New biobased PHA (polyhydroxyalkanoate) copolymers can replace plasticizers in polyvinyl chloride (PVC), potentially enhancing its acceptability in the medical market.
Metabolix (Cambridge, MA) says it has demonstrated that a series of PHA copolymers miscible with PVC resins improved various physical properties. PHA copolymers, for example, performed as high molecular weight, readily dispersible plasticizers, enabling formulation of compounds with low additive migration and low extractables.
That's a key issue for IV bags and tubing where some major hospital systems, such as Kaiser Permanente, are moving away from PVC because of concerns about plasticizer leaching.
PHAs from Metabolix are produced in a biological fermentation process using agricultural feedstocks, such as sugars derived from corn. They have been used in a variety of biomedical applications such as sutures and surgical meshes and are biocompatible. Metabolix is working on genetic engineering technology to produce PHAs directly in plant crops such as switchgrass and sugarcane.
Dr. Yelena Kann, senior polymer scientist at Metabolix, will report on "New Biobased PHA Rubber Copolymers for PVC Modification" at the Society of Plastics Engineers' Vinyltec 2012 conference tomorrow in Chicago.
"PHA could significantly simplify PVC compound formulation by replacing secondary plasticizers, replacing or reducing amount of primary plasticizers, replacing impact modifiers, eliminating the need for the shear promoting processing aid, eliminating UV stabilizers," Dr.Kann tells Plastics Today.
Potential cost savings
PHAs also potentially offers cost savings due to their multifunctional performance. Loadings would range from 5 phr to 30 phr of PHA in PVC.
PHAs also improved impact modification in PVC. According to Dr. Kann, PHA rubber copolymers outperformed the best available MBS core/shell impact modifiers and did not compromise PVC transparency or UV stability. The metal-adhering properties of PHA copolymers also promoted homogeneous shear melting of PVC particles and prevented overheating and degradation.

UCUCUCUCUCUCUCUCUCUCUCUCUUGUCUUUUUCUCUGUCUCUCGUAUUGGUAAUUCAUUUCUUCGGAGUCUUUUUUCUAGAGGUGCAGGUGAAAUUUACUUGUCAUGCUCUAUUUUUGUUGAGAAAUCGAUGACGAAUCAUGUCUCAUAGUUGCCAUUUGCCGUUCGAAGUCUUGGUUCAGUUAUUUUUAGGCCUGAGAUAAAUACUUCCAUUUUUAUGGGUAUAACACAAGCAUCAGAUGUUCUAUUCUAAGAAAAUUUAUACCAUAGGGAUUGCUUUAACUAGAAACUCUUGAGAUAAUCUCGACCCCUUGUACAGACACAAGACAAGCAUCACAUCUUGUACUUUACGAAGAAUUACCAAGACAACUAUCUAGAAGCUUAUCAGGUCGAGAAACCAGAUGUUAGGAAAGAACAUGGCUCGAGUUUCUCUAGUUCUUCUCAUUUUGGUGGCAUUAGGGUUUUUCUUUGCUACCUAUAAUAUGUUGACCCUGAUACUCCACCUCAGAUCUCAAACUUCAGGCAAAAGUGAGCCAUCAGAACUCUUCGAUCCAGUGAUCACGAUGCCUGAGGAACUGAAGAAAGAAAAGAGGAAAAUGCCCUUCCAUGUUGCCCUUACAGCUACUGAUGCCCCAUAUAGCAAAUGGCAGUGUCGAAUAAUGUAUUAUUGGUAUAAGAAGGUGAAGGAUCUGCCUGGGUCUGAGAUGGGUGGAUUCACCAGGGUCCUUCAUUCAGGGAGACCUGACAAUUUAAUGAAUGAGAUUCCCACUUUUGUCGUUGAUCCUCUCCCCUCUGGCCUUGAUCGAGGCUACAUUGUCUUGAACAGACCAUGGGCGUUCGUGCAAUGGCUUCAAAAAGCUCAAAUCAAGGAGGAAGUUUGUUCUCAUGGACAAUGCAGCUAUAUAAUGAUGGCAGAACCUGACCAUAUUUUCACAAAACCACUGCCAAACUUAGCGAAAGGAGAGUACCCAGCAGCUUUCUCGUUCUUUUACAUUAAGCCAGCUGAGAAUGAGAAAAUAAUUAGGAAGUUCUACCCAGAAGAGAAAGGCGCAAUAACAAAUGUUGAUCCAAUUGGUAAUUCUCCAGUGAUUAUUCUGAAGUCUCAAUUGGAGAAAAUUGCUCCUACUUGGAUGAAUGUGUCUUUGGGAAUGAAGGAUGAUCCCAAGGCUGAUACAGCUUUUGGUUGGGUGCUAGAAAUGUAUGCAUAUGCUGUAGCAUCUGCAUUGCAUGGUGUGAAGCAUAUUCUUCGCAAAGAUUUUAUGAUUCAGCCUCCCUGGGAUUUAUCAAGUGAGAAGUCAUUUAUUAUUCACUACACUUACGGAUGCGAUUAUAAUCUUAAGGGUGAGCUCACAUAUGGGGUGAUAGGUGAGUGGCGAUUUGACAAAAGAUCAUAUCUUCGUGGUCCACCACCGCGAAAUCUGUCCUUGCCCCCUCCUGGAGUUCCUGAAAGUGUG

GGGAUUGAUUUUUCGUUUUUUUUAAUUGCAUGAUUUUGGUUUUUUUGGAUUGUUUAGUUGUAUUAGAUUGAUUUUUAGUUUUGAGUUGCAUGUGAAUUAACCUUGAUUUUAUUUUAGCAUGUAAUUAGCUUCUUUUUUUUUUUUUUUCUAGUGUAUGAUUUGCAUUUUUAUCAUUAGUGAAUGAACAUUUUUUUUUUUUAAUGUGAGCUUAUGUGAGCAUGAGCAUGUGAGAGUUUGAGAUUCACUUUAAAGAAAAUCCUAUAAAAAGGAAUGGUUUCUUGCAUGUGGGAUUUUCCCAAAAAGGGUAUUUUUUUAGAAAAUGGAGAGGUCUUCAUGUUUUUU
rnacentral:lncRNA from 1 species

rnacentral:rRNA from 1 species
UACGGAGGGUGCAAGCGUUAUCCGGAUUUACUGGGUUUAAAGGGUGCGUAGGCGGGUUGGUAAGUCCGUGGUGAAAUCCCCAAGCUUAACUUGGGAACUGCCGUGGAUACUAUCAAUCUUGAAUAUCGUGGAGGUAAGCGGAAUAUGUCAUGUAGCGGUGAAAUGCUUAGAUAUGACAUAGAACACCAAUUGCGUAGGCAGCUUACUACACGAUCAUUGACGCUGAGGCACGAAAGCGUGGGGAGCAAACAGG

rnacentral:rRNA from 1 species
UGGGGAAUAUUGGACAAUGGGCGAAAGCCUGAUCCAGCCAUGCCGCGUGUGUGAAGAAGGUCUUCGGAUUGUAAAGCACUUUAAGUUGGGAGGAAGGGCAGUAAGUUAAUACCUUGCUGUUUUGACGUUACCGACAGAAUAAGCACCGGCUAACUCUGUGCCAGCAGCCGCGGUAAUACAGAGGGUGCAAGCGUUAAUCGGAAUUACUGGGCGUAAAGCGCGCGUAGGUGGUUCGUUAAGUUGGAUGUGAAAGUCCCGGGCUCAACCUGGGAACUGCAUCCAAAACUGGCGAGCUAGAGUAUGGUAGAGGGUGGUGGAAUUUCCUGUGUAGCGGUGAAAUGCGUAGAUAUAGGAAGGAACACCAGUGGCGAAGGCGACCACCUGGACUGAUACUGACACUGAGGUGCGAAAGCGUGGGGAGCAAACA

"The significant performance benefits PVC gained from blending with PHA copolymers underscores the versatility and value of Metabolix's PHA technology," said Oliver Peoples, chief scientific officer and vice president of research at Metabolix. "These developments will allow us to broaden the addressable market opportunity for our materials, beyond our traditional focus on those markets requiring biodegradation."
Metabolix worked with AlphaGary (Leominster, MA), custom compounder of PVC and TPE/TPO materials, to study PHA polymeric modifiers in PVC.
"We are pleased with what we have seen in these new polymeric PVC modifiers and are beginning to test them in current high-value applications. They combine effective impact modification with good transparency and are made from renewable feedstocks," said Mark Jozokos, global R&D manager at AlphaGary.
Metabolix plans to manufacture the new PHA products in a10,000 tonnes per year facility in Leon, Spain. Samples of the polymeric modifiers will be available to ship to customers in early 2013. Last July, Metabolix announced a manufacturing relationship with Antibióticos S.A., a producer of active pharmaceutical ingredients using fermentation processes.
Metabolix needed to find a new production partner for its PHAs after Archer Daniels Midland Company (ADM) terminated a JV called Telles in February due to concerns about the financial prospects for the project.
Metabolix was formed in 1992 to commercialize genetically engineered production organisms developed in the MIT lab of Dr. Anthony Sinskey by Oliver Peoples. The company also bought Monsanto patents for PHA bioplastics, including Biopol.